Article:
Today for the first time I walked the Hackpen Hill to Avebury part of the Ridgeway - for those who want a car free walk you can get off the 49 bus (from Swindon or Devizes) at Broad Hinton and pick up the White Horse Trail immediately beside The Bell pub. I was with my Cotswold-Walking-friend who lives in a village north of Swindon so had a car lift up to the small parking area by the Ridgeway near the Hackpen White Horse. Mist hung over the Ridgeway and downs, the winter sun was putting up a valiant effort to make an appearance, still ice covered puddles and remnants of snow snaking along the edges of the path ahead. We set off having decided beforehand to walk quietly taking in any wildlife in the hedgerows we might encounter – we were not disappointed, fifteen minutes into the walk a barn owl rose from its repose on a fence and flew silently off.
I wanted to show my friend the Polisher (Polissior) stone – the astonishing sarsen stone used by Neolithic people for sharpening axes, quite easy to access if you know where to look as there is now a gate into the field. By the time we reached this point the mist had descended again and the triangular landmark stone – normally just visible from the Ridgeway had disappeared from view. We picked our way towards the Polisher and it was with great pleasure I showed this unique and ancient stone to my friend [entry by Baza on TMA in 2003: The stone`s description as it appears in the SMR (N.M.No.33951): A recumbent tabular stone 1.4m in length includes grooves and a dished area consistent with its use for the shaping, whetting and polishing of Neolithic stone axes. Excavation around the stone in 1963 demonstrated that it had originally been upright, whilst an iron wedge and a coin showed that it had been split in the 13th century AD.]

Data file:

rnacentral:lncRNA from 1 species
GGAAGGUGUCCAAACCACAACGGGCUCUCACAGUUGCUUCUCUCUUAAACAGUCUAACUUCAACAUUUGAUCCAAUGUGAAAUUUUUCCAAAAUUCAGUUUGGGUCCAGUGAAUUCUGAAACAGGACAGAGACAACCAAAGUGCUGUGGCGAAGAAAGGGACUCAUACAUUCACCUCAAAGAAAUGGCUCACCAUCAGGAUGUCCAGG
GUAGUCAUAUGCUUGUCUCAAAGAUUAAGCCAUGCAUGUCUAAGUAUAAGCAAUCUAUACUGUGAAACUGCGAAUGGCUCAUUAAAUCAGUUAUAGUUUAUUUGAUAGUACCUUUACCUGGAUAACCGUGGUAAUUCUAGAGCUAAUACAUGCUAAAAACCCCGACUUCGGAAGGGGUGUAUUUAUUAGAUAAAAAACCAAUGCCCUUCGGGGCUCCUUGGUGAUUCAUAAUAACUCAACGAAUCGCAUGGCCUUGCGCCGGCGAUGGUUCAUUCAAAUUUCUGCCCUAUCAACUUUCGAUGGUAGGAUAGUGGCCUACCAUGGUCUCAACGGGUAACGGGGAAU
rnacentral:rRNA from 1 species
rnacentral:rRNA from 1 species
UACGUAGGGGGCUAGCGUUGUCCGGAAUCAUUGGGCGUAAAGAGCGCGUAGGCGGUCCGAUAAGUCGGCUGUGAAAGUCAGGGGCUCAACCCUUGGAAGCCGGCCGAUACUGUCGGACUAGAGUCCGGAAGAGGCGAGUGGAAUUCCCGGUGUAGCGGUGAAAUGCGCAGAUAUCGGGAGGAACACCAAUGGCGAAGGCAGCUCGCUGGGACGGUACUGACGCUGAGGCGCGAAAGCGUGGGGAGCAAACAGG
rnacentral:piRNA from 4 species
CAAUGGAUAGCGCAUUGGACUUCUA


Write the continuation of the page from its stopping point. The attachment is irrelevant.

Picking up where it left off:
I could not visit the Polisher without recalling my very first visit a couple of years or so back when, one hot day in summer, Pete Glastonbury led me up there along the Herepath from Avebury. I have a fond memory of the 'look behind you moment' when the Red Arrows flew past just as Pete took a photo. He's gone off the radar now, as people sometimes do – busy, I believe, with his family and a personal project he's been working on for the past year. I hope he knows there are quite a few people, myself included, who will always feel gratitude for the knowledge about the Avebury landscape he so freely imparted.
Back to today (live in the present while studying the ancient past is my motto for contentment) as mist still hung heavily over the Totterdown slopes it seemed unwise to go looking for the cup-marked or holed stone that are hidden amid the scatter of greywethers. We picked our way downhill diagonally through the dips and grassy tufts, I was heading for the stile by derelict shepherd's cottage near Fyfield Down. Once over the stile we decided to stop for a bit; I'm embarrassed to say that even at my venerable age I remain determinedly undomesticated – my good companion produced a flask of hot water, teabags and food. We used a flat greywether to balance our lunch while the sheep watched on unperturbed – then that downland magic happened. The mist rolled back from the hills towards Overton and bright winter sunlight lit up the landscape with an almost other worldly light.